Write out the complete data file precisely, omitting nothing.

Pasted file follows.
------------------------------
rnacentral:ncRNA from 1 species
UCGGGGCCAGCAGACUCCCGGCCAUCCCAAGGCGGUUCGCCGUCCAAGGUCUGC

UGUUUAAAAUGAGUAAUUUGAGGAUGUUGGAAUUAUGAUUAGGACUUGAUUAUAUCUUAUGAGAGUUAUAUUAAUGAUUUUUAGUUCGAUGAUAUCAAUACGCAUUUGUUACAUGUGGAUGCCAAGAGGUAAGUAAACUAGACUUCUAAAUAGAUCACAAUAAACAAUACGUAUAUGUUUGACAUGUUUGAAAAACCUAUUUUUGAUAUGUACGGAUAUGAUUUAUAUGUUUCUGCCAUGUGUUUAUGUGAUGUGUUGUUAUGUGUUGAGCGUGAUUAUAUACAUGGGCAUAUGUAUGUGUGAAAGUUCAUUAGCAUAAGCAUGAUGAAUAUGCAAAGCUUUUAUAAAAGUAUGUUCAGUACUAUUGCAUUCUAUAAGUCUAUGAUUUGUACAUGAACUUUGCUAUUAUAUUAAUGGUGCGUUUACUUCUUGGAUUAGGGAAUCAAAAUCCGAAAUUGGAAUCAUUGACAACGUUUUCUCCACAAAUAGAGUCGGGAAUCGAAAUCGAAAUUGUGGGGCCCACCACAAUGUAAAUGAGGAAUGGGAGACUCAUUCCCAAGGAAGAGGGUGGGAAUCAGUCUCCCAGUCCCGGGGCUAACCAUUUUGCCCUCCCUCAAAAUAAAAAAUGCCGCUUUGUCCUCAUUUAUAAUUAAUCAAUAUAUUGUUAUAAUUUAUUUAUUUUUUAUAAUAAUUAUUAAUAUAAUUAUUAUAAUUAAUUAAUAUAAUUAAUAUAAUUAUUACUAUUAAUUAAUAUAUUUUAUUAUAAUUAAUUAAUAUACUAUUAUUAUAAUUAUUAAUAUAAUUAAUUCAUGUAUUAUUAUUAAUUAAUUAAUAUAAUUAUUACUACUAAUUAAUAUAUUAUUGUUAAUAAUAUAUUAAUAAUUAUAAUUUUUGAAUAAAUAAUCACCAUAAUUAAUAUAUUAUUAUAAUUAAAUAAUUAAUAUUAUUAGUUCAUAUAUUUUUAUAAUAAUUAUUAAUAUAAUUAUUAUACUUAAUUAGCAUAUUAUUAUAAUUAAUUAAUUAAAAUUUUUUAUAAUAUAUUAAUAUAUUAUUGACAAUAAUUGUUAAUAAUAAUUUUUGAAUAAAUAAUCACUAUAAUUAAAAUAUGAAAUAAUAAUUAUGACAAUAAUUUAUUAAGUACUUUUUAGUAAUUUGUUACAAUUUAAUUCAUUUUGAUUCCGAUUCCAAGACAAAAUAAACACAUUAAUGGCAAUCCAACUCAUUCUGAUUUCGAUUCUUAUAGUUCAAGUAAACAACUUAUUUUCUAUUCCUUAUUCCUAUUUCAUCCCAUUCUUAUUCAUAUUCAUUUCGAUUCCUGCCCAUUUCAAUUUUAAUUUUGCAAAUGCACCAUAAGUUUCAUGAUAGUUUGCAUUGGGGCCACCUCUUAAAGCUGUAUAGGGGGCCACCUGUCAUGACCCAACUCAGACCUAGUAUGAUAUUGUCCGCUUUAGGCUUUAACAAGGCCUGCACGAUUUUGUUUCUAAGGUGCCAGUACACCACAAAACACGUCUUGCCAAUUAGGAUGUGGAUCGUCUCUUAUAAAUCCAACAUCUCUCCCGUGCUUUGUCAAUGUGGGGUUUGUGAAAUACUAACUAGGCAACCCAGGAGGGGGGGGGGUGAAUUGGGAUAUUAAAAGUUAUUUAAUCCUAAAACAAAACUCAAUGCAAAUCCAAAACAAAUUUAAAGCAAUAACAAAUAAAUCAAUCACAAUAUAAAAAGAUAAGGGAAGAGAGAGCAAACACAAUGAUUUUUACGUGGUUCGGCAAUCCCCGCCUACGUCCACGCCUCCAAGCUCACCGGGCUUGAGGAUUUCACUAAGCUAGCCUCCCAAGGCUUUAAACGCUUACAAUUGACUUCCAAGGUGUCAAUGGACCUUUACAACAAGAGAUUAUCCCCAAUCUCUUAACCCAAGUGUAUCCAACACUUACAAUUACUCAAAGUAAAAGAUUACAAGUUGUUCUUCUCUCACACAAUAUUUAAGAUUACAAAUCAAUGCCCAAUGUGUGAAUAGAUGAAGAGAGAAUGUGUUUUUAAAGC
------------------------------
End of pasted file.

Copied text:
rnacentral:ncRNA from 1 species
UCGGGGCCAGCAGACUCCCGGCCAUCCCAAGGCGGUUCGCCGUCCAAGGUCUGC

UGUUUAAAAUGAGUAAUUUGAGGAUGUUGGAAUUAUGAUUAGGACUUGAUUAUAUCUUAUGAGAGUUAUAUUAAUGAUUUUUAGUUCGAUGAUAUCAAUACGCAUUUGUUACAUGUGGAUGCCAAGAGGUAAGUAAACUAGACUUCUAAAUAGAUCACAAUAAACAAUACGUAUAUGUUUGACAUGUUUGAAAAACCUAUUUUUGAUAUGUACGGAUAUGAUUUAUAUGUUUCUGCCAUGUGUUUAUGUGAUGUGUUGUUAUGUGUUGAGCGUGAUUAUAUACAUGGGCAUAUGUAUGUGUGAAAGUUCAUUAGCAUAAGCAUGAUGAAUAUGCAAAGCUUUUAUAAAAGUAUGUUCAGUACUAUUGCAUUCUAUAAGUCUAUGAUUUGUACAUGAACUUUGCUAUUAUAUUAAUGGUGCGUUUACUUCUUGGAUUAGGGAAUCAAAAUCCGAAAUUGGAAUCAUUGACAACGUUUUCUCCACAAAUAGAGUCGGGAAUCGAAAUCGAAAUUGUGGGGCCCACCACAAUGUAAAUGAGGAAUGGGAGACUCAUUCCCAAGGAAGAGGGUGGGAAUCAGUCUCCCAGUCCCGGGGCUAACCAUUUUGCCCUCCCUCAAAAUAAAAAAUGCCGCUUUGUCCUCAUUUAUAAUUAAUCAAUAUAUUGUUAUAAUUUAUUUAUUUUUUAUAAUAAUUAUUAAUAUAAUUAUUAUAAUUAAUUAAUAUAAUUAAUAUAAUUAUUACUAUUAAUUAAUAUAUUUUAUUAUAAUUAAUUAAUAUACUAUUAUUAUAAUUAUUAAUAUAAUUAAUUCAUGUAUUAUUAUUAAUUAAUUAAUAUAAUUAUUACUACUAAUUAAUAUAUUAUUGUUAAUAAUAUAUUAAUAAUUAUAAUUUUUGAAUAAAUAAUCACCAUAAUUAAUAUAUUAUUAUAAUUAAAUAAUUAAUAUUAUUAGUUCAUAUAUUUUUAUAAUAAUUAUUAAUAUAAUUAUUAUACUUAAUUAGCAUAUUAUUAUAAUUAAUUAAUUAAAAUUUUUUAUAAUAUAUUAAUAUAUUAUUGACAAUAAUUGUUAAUAAUAAUUUUUGAAUAAAUAAUCACUAUAAUUAAAAUAUGAAAUAAUAAUUAUGACAAUAAUUUAUUAAGUACUUUUUAGUAAUUUGUUACAAUUUAAUUCAUUUUGAUUCCGAUUCCAAGACAAAAUAAACACAUUAAUGGCAAUCCAACUCAUUCUGAUUUCGAUUCUUAUAGUUCAAGUAAACAACUUAUUUUCUAUUCCUUAUUCCUAUUUCAUCCCAUUCUUAUUCAUAUUCAUUUCGAUUCCUGCCCAUUUCAAUUUUAAUUUUGCAAAUGCACCAUAAGUUUCAUGAUAGUUUGCAUUGGGGCCACCUCUUAAAGCUGUAUAGGGGGCCACCUGUCAUGACCCAACUCAGACCUAGUAUGAUAUUGUCCGCUUUAGGCUUUAACAAGGCCUGCACGAUUUUGUUUCUAAGGUGCCAGUACACCACAAAACACGUCUUGCCAAUUAGGAUGUGGAUCGUCUCUUAUAAAUCCAACAUCUCUCCCGUGCUUUGUCAAUGUGGGGUUUGUGAAAUACUAACUAGGCAACCCAGGAGGGGGGGGGGUGAAUUGGGAUAUUAAAAGUUAUUUAAUCCUAAAACAAAACUCAAUGCAAAUCCAAAACAAAUUUAAAGCAAUAACAAAUAAAUCAAUCACAAUAUAAAAAGAUAAGGGAAGAGAGAGCAAACACAAUGAUUUUUACGUGGUUCGGCAAUCCCCGCCUACGUCCACGCCUCCAAGCUCACCGGGCUUGAGGAUUUCACUAAGCUAGCCUCCCAAGGCUUUAAACGCUUACAAUUGACUUCCAAGGUGUCAAUGGACCUUUACAACAAGAGAUUAUCCCCAAUCUCUUAACCCAAGUGUAUCCAACACUUACAAUUACUCAAAGUAAAAGAUUACAAGUUGUUCUUCUCUCACACAAUAUUUAAGAUUACAAAUCAAUGCCCAAUGUGUGAAUAGAUGAAGAGAGAAUGUGUUUUUAAAGC